This is the seventh part of an ongoing series describing how people are developing new expectations when it comes to veterinary care for their pets. Parts one through six can be found at www.speakingforspot.com/blog.
As invaluable as vaccinations are for protecting canine health, determining which vaccines are appropriate and how frequently they should be administered are no longer simple decisions. Gone are the days of behaving like “Stepford wives” simply because you’ve received a vaccine reminder postcard or email. Vaccinations are no different than any other medical procedure. They should not be administered without individualized discussion with your veterinarian and consideration of the potential risks and benefits. Please know that having such a discussion with your veterinarian is a perfectly reasonable expectation, and your input is an invaluable part of the vaccine decision-making process.
Consider the following:
• There are currently more than a dozen canine vaccinations to choose from! Back in the days when I was just a pup there were only five, and decision-making regarding vaccine selection for an individual dog was far less complicated.
• Over the past decade we’ve learned that, for some vaccines, the duration of protection is far longer than previously recognized. In the past we vaccinated against distemper, parvovirus, and rabies annually. We now know that these vaccinations, when given to adult dogs, provide protection for a minimum of three years and, in some cases protection is life-long.
• The duration and degree of immune protection triggered by a vaccine is variable, not only based on vaccine manufacturer, but from dog to dog as well.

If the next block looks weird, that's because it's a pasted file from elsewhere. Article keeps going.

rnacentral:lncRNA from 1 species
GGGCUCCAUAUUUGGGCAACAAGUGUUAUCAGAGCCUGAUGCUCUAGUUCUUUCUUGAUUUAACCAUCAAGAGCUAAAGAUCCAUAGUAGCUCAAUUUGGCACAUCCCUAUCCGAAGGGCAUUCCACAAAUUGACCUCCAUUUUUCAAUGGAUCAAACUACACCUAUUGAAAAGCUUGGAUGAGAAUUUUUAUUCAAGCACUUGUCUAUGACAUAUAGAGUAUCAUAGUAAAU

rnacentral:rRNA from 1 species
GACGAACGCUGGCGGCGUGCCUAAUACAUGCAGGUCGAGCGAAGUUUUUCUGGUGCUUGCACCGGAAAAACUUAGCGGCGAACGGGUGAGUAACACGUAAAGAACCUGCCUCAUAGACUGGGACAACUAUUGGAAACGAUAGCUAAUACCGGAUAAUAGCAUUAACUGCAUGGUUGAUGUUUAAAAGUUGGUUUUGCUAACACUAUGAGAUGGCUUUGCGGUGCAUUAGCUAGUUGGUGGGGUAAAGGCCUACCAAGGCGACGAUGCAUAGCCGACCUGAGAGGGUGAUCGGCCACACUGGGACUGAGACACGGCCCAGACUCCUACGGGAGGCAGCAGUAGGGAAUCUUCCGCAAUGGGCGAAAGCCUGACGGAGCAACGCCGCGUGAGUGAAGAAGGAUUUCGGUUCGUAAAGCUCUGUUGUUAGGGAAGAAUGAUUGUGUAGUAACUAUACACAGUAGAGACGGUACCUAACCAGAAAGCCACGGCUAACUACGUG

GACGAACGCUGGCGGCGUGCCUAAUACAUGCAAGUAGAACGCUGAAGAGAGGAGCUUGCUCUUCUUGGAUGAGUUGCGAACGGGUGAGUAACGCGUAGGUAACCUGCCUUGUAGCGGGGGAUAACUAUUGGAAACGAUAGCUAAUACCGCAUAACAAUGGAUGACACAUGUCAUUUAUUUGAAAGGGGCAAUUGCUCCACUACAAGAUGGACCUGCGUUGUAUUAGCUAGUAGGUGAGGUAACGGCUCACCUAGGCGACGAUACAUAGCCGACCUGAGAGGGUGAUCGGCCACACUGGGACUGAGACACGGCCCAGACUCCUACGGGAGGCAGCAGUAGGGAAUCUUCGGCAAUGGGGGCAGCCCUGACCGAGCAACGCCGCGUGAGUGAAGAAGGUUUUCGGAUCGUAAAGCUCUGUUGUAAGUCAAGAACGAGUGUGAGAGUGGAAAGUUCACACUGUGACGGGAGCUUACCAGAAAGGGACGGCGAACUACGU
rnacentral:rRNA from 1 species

• Other than for rabies (state mandated), vaccination protocols are anything but standardized. There are no set rules veterinarians must follow when determining which vaccines to give and how often they are administered. Unfortunately, some vets continue to vaccinate for distemper and parvovirus annually even though we know that these adult vaccines provide protection for a minimum of three years. Some vets give multiple inoculations at once, others administer just one at a time.
• Increasingly clear-cut documentation shows that vaccines have the potential to cause many side effects. While vaccine reactions/complications are still considered to be infrequent, they can be life threatening.
What you can do:
As your dog’s savvy medical advocate, what can you do to be sure that he or she is neither under or overvaccinated? Here are some guidelines for making wise vaccine choices for your best buddy:
1. Educate yourself about available canine vaccinations and the diseases they are capable of preventing (in some cases treating the disease, should it arise, might be preferable to the risks and expense associated with vaccination). Learn about duration of vaccine protection and potential side effects. Read the chapter called “The Vaccination Conundrum” in Speaking for Spot. It provides detailed discussion about all aspects of canine vaccinations including the diseases they prevent, adverse vaccination reactions, and the topic of vaccine serology (blood testing that helps determine if your dog is truly in need of vaccine booster). The American Animal Hospital Association’s “Canine Vaccine Guidelines” is also an excellent source of information (http://secure.aahanet.org/eweb/dynamicpage.aspx?site=resources&webcode=CanineVaccineGuidelines).